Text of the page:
Ramkarran, a former two-term Speaker of the National Assembly, said that after a pale imitation of the 1992 system was attempted for early results in 1997 and failed, the opposition thereafter demanded that only certified results must be announced. As a consequence, Ramkarran said that there is now this inordinate delay in the declaring of results because the physical delivery of the statements of poll have to be made to Gecom’s offices before the results are announced. He said that the PPP went along uncritically with this demand and it is therefore hypocritical for political parties to now demand early results and at the same time insist on an outmoded announcement procedure.
In a statement on February 13, Gecom said that “notwithstanding its greatest desire to provide accurate results of the upcoming May 11 elections at the earliest possible time, it remains exceedingly cognizant of the existing logistical and other challenges it faces in so doing.”
Noting some reports in the media suggesting that the 2015 elections results will most likely be declared the day after the polls, Gecom said “Please be advised that there exists a number of logistical challenges directly related to the geographic peculiarities that exist, not lastly in the hinterland areas. Similarly, there are a number of unforeseen circumstances which can or may occur and which could have an adverse effect on the timely delivery of the elections results.”
It added that all of Guyana represents one single constituency consisting of hundreds of thousands of electors. This means that for it to arrive at accurate results, all votes from all the polling stations across the country must be correctly counted and forwarded to the Chief Election Officer.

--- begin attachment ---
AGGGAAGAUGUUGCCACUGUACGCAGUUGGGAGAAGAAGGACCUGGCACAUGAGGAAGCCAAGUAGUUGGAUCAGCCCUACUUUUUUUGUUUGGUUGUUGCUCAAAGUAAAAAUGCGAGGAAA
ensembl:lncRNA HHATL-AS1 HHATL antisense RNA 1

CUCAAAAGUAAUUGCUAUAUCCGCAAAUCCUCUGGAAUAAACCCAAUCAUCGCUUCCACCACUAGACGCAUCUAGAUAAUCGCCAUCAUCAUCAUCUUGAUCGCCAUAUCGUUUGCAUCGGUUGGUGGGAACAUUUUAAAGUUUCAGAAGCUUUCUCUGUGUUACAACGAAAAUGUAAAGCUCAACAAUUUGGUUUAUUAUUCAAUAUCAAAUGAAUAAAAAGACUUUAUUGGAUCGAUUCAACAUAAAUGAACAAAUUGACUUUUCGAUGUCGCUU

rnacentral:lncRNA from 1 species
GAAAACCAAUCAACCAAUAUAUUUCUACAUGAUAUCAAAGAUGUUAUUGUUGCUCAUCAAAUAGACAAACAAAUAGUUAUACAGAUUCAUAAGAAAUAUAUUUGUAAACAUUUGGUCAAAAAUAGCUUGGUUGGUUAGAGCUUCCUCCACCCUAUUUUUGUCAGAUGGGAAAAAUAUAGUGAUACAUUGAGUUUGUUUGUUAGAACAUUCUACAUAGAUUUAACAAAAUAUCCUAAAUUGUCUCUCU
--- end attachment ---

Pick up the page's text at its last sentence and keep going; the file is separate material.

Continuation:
Gecom said that political parties have the right by 12 noon on the Tuesday (May 12, 2015) following Elections Day to request a recount. Any such activity would delay the announcement of the Poll results. It added that it should also be remembered that the elections of May 11, 2015 are being held at the commencement of the rainy season.
“This could result in the sudden disappearance of airstrips in the far flung areas of the country, thus precluding a speedy delivery of results from the hinterland. And it should be noted that the implementing of our alternative plans for those eventualities are concomitant with delays,” Gecom said.
It added “Of course, if everything moves smoothly (no flippant or frivolous legal challenges; no weather-related setbacks; no eruption of violence, etc) then we may deliver the results by the following day after the closure of polls.”